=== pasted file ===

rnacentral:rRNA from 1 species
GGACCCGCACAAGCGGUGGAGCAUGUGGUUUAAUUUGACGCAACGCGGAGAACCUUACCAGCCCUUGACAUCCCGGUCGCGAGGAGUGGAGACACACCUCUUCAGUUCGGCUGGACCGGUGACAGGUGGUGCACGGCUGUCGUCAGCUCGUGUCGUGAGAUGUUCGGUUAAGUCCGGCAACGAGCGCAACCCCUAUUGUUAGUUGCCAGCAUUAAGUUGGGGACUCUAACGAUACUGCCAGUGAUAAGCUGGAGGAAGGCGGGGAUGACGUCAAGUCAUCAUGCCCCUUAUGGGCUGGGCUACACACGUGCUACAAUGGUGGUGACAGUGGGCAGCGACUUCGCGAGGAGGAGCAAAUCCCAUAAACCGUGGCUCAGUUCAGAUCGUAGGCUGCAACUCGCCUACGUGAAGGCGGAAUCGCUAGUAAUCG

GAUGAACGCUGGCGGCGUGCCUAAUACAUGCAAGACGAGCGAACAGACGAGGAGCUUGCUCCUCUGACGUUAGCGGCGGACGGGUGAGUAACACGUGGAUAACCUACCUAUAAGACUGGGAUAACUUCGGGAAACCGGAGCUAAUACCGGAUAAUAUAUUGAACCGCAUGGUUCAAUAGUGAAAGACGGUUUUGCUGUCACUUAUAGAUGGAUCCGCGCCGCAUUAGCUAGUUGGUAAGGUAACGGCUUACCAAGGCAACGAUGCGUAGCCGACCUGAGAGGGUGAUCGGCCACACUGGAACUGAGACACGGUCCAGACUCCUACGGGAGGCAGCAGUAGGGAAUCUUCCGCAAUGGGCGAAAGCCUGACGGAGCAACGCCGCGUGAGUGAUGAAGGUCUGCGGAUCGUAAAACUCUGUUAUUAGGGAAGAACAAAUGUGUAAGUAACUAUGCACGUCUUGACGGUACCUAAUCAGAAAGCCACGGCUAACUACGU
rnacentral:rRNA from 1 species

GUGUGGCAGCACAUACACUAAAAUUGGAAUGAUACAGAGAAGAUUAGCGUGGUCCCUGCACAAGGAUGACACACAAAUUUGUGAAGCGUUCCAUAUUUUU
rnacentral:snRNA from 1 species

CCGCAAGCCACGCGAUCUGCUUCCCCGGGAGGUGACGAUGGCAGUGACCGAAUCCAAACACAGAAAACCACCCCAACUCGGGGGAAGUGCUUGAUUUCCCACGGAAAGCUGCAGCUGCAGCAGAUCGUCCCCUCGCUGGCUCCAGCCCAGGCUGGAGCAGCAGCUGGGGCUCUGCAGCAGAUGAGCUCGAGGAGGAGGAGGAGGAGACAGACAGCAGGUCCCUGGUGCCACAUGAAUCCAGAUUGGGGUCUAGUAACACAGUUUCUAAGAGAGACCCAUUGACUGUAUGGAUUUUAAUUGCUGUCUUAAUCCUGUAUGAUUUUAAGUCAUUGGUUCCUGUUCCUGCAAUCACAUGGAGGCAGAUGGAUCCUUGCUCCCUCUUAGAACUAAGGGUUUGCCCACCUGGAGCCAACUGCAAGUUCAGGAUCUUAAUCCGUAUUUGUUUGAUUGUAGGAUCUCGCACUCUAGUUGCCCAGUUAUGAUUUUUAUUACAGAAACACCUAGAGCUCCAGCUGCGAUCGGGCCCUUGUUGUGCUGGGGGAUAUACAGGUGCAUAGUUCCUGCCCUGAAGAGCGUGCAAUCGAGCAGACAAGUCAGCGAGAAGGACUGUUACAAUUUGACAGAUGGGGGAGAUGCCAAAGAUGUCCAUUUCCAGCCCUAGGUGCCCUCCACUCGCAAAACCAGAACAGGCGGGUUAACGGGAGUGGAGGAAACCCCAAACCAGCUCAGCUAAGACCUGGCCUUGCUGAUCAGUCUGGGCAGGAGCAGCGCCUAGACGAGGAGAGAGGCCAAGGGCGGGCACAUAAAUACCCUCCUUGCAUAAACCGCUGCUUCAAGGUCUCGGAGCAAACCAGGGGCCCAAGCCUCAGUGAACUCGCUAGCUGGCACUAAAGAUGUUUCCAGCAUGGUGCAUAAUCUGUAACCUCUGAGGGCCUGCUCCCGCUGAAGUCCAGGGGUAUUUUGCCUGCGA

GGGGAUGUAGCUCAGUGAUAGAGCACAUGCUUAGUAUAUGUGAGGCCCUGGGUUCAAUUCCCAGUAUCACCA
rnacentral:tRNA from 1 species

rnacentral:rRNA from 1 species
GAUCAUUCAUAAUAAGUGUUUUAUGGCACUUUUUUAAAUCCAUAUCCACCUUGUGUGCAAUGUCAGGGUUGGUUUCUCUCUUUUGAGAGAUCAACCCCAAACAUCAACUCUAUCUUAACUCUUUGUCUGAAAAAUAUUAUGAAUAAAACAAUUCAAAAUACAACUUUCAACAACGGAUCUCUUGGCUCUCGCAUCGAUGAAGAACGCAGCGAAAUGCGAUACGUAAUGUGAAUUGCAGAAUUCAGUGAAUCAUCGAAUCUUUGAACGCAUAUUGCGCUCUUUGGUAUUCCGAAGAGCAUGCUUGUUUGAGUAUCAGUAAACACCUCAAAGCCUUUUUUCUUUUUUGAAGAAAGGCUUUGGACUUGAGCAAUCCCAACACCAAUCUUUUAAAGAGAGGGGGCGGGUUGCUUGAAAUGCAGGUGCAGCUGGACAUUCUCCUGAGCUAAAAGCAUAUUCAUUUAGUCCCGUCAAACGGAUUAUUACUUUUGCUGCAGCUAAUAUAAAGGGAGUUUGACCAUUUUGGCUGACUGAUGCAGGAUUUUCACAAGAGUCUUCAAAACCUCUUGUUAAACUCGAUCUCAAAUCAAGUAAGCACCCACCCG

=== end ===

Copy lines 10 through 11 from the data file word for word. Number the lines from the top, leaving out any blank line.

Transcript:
rnacentral:rRNA from 1 species
GAUCAUUCAUAAUAAGUGUUUUAUGGCACUUUUUUAAAUCCAUAUCCACCUUGUGUGCAAUGUCAGGGUUGGUUUCUCUCUUUUGAGAGAUCAACCCCAAACAUCAACUCUAUCUUAACUCUUUGUCUGAAAAAUAUUAUGAAUAAAACAAUUCAAAAUACAACUUUCAACAACGGAUCUCUUGGCUCUCGCAUCGAUGAAGAACGCAGCGAAAUGCGAUACGUAAUGUGAAUUGCAGAAUUCAGUGAAUCAUCGAAUCUUUGAACGCAUAUUGCGCUCUUUGGUAUUCCGAAGAGCAUGCUUGUUUGAGUAUCAGUAAACACCUCAAAGCCUUUUUUCUUUUUUGAAGAAAGGCUUUGGACUUGAGCAAUCCCAACACCAAUCUUUUAAAGAGAGGGGGCGGGUUGCUUGAAAUGCAGGUGCAGCUGGACAUUCUCCUGAGCUAAAAGCAUAUUCAUUUAGUCCCGUCAAACGGAUUAUUACUUUUGCUGCAGCUAAUAUAAAGGGAGUUUGACCAUUUUGGCUGACUGAUGCAGGAUUUUCACAAGAGUCUUCAAAACCUCUUGUUAAACUCGAUCUCAAAUCAAGUAAGCACCCACCCG